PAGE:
A Short Short Story Winner

Previously, I questioned whether I could produce a story that develops a viable arc from complication, to conflict, to climax, and to resolution within 1300 words. I included some of my efforts in this experiment in The Cat Who Would Be a Woman, which I published last year. Since then I have written another story within these perimeters for a small literary magazine that featured a contest, particularly attractive because there was no entry fee. Other than the limitation on length, the entry had to relate somehow to the theme of frost.

I thought what the heck. There’s nothing to lose by trying my hand at a made-to-order story.  I enjoyed the exercise and sent my entry off with a fond adieu.

Surprisingly, the summer issue of the magazine arrived.  Featured in it was my piece, one of the winners in the frost contest.  I’ll take advantage of its brevity and make it available on my blog–a quick read with cooling thoughts on perhaps a hot August day:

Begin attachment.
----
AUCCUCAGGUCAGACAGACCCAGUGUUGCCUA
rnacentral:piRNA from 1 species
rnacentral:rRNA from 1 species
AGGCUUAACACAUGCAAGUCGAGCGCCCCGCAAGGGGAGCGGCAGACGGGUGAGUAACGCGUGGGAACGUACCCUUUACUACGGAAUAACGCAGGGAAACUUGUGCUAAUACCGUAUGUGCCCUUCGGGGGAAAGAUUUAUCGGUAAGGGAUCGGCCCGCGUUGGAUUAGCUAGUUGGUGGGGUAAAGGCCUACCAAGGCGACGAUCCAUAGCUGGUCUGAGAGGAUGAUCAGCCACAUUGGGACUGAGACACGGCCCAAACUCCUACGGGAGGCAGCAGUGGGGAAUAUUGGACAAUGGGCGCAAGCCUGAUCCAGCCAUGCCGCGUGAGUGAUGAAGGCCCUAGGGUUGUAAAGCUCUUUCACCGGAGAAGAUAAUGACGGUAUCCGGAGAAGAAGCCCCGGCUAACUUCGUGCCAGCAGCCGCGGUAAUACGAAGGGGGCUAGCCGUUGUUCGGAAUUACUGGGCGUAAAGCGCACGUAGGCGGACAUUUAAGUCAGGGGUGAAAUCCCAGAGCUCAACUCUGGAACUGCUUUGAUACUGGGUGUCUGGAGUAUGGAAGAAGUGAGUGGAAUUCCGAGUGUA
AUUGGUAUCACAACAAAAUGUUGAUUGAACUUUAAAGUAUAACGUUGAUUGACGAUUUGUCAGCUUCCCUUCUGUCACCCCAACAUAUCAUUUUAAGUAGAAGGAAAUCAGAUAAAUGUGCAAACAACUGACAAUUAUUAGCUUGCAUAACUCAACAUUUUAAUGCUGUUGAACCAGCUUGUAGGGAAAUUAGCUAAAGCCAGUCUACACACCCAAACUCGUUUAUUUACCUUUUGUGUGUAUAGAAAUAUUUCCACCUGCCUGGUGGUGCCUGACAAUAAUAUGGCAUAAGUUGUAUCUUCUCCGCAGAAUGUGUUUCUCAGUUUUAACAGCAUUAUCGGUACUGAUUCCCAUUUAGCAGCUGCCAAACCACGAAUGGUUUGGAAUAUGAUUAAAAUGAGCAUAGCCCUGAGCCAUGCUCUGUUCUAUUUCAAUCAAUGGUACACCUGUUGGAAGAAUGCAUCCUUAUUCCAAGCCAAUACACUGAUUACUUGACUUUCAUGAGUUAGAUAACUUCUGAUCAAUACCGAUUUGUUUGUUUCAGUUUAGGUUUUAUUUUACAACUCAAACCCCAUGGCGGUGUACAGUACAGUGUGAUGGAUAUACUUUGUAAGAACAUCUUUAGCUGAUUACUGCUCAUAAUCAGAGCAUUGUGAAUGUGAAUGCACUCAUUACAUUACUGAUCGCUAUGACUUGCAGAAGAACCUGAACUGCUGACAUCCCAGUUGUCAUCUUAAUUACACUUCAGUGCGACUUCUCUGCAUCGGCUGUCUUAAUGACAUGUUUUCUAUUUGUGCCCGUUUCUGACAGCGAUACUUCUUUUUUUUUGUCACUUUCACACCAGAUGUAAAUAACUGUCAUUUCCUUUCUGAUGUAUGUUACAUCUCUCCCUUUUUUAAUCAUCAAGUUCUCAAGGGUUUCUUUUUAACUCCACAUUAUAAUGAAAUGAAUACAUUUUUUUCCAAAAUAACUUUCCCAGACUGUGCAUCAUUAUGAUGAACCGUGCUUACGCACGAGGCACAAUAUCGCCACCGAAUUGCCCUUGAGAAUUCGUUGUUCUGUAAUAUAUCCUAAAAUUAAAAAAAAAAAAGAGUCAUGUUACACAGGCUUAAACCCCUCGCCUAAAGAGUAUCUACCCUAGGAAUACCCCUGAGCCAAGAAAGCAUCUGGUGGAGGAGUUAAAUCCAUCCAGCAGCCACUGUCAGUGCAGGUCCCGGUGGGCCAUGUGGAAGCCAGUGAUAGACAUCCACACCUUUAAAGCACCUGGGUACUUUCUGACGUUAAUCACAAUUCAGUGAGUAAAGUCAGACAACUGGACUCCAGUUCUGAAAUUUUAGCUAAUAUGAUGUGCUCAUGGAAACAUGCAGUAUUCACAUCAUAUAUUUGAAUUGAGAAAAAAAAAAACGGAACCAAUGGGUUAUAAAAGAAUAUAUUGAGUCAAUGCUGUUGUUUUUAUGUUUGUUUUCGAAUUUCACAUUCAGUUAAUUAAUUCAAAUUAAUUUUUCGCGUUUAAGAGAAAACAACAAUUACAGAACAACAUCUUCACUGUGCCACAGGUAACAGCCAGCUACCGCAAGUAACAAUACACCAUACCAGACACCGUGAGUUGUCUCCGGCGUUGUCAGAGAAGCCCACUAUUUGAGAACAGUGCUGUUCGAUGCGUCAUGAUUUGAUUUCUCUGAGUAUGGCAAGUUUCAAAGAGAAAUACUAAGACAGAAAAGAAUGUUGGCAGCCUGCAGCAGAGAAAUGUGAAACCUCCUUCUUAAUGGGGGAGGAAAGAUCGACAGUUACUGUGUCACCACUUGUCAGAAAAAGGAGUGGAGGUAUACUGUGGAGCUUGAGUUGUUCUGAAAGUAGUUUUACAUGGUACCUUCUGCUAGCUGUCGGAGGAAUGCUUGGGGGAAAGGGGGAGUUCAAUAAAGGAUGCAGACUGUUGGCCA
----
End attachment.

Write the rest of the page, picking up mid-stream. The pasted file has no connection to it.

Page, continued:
Out in the Cold

A touch of frost settled on my left cheek bone as I escaped the house. Had the nippy December air created this chilly filament on my sallow skin? I smelled snow but no snow had fallen yet this season. I prayed the snow would stay away long enough for me to flee the noise of holiday merrymakers.

I had not expected to be out in the cold alone this of all nights. I had set out with every expectation that this would be an unparalleled evening, the inauguration of a career and the advent of a marriage. Within the span of a few minutes, joy to the world collapsed and the warmth of the Yule log in the Appleton’s great room fireplace had smoldered into frigidity. Grabbing my coat and averting my tear-stained face from the guests baffled by my hasty departure, I hurried toward the door.

“The party’s just getting started, Liz,” the hostess called after me.

“Sorry. I feel sick,” and pushed past her.

I inhaled deeply on the front sidewalk. Eliot had just broken off our engagement. The sequence of events culminating with his bombshell announcement fast-forwarded in my brain. I recalled him guiding me into the den presumably for a quiet tête-à-tête away from party chatter. He had gently pushed me onto the loveseat, and then positioned himself beside me. His somber expression had frightened me, but nothing could have prepared me for his next words.

“I don’t want to get married—not now.”

“But why. . . we’ve both finished our degrees. You’ve applied for that position at the law firm and I have the fellowship for doctoral studies at Columbia. We’re going to start a family.”

“Liz, I need space.”

“Space? You have all the space you need. I’m not a ball and chain around your neck.”